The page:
1. Quite. There are places and occasions where it is only polite and thoughtful to be still and quietly pay attention. And I think that by devolving some of our brain's responibility for remembering the memorable to silicon chips, we risk deminishing ourselves.

  2. As always you have such insightful posts about subjects that have to do with society. I agree with you on the phone camera. Geez, half the time those pics are dumped on a computer and never looked at again. It's so much better to watch and remember. Courtesy to others has taken a backseat in recent years.

  3. Loved that last line of your post! :)

    As for the unwarranted distraction you had to sit through, I'm glad you were able to ignore it for the most part. I would have had a stronger reaction to it.

    I've always failed to understand people's dismay when I said I didn't take too many pictures or videos while on vacation. How could I explain to them that I much preferred to lock the beatiful memories inside me, where they would forever be meshed with the sounds and smells and the emotions the moment inspired in me?

  4. Many thanks for your kind comments.

    Hema, welcome back! I'll be popping over your blog later. Im sure you have lots of stories to tell about your time off from blogging.

    Greetings from London.

  5. Will it be possible to have an un-mediated experience. Everyone seems plugged in.

    Every person at the cafe this morning was gazing into a screen.

    It's lovely to gaze out of windows.

    Regards from Boston

  6. Recently we saw Straight No Chaser. The flashes and flickering lights WERE distracting.

  7. What was this person's motivation when he pulled out his Lilliputian photographic tool? Did he want to hold on to this moment for eternity?

    The exact thought that has occurred to me so often in these situations - still have no answer, though. If he'd been recording it would at least have been more understandable.

  8. I wonder how historians will evaluate this moment in history when the ability to monitor and record everything is ubiquitous. Will they say that Big Brother arrived, though not in the form of government control and oversight, but in the citizen neighborhood watch facilitated by modern technology? This is a far cry from the flashing light that disturbed your concert experience, but I can't help but be grateful that the flashing light can alert us to what is going on. I suspect most of the time, we simply will not know.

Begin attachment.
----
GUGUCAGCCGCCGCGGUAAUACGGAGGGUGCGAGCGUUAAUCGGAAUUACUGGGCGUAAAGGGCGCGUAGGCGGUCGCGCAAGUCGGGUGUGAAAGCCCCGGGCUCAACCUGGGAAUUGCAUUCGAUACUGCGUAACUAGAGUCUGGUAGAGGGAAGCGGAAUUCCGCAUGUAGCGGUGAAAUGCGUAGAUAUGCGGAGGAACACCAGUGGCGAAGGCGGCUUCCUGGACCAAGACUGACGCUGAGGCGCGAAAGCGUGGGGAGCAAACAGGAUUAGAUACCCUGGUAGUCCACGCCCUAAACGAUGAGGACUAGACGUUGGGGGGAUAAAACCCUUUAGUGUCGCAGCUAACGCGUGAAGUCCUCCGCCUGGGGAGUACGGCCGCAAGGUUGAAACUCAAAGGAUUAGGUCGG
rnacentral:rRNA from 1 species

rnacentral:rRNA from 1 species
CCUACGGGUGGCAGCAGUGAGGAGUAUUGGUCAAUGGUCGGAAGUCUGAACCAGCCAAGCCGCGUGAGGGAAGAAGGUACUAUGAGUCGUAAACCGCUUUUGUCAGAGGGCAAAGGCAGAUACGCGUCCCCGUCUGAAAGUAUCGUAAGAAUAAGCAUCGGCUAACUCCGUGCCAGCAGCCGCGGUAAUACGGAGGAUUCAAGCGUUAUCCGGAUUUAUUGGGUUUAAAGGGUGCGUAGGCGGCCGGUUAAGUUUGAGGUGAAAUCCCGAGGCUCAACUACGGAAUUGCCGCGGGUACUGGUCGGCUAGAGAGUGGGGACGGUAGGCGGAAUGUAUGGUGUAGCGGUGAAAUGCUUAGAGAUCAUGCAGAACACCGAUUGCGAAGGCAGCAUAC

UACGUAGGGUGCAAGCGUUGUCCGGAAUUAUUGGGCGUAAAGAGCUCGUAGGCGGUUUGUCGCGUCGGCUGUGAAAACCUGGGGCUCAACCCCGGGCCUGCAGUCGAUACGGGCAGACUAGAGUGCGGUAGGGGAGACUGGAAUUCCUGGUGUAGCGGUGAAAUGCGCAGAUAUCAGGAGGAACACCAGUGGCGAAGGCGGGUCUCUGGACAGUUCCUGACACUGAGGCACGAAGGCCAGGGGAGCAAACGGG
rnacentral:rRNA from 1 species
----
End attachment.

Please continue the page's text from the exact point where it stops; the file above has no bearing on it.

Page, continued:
9. I totally get your point Cubano. It takes away from being in the moment when you feel compelled to record every nuance of what's happening. Although I rarely take pix during concerts, I am guilty of taking pix (with my camera) everywhere else for stories or posts. I do get looks sometimes but I've never regretted a photo I took.

  10. i'm with dave king.

    the flickering lights can be so distracting.
    quite annoying!

    you're a person of a great taste, cuban! i always enjoy your thoughtful posts.

    i totally loved the bottom line of your post.

    have a great week ahead!

  11. I cringed a bit when I read this, as I've been guilty of exactly this behaviour at a concert. Just once, mind you, and the pianist was someone I knew, but still. I took still pictures, surreptitiously (I thought) and silently, but someone several rows over glared at me and I was too embarrassed to continue.
    People do this just because the technology allows it, and because we're in a tell-all world. Guess where I was last night? Here's the proof! It's pretty pointless. My actions were too, as I have only looked at the pictures once and never written the piece that should have gone along with them.

    And is 'punter' always derogatory?

  12. I hate when people destroy the ambiance with their mobiles or cameras. Even worse is when they are texting or surfing during a live performance. We seem to be on a similar wavelength this week with our technology posts.

  13. Thanks a lot for your kind comments.

    Deborah, "punter" is a slang for customer over here. Nothing derogatory about it. :-)

    Greetings from London.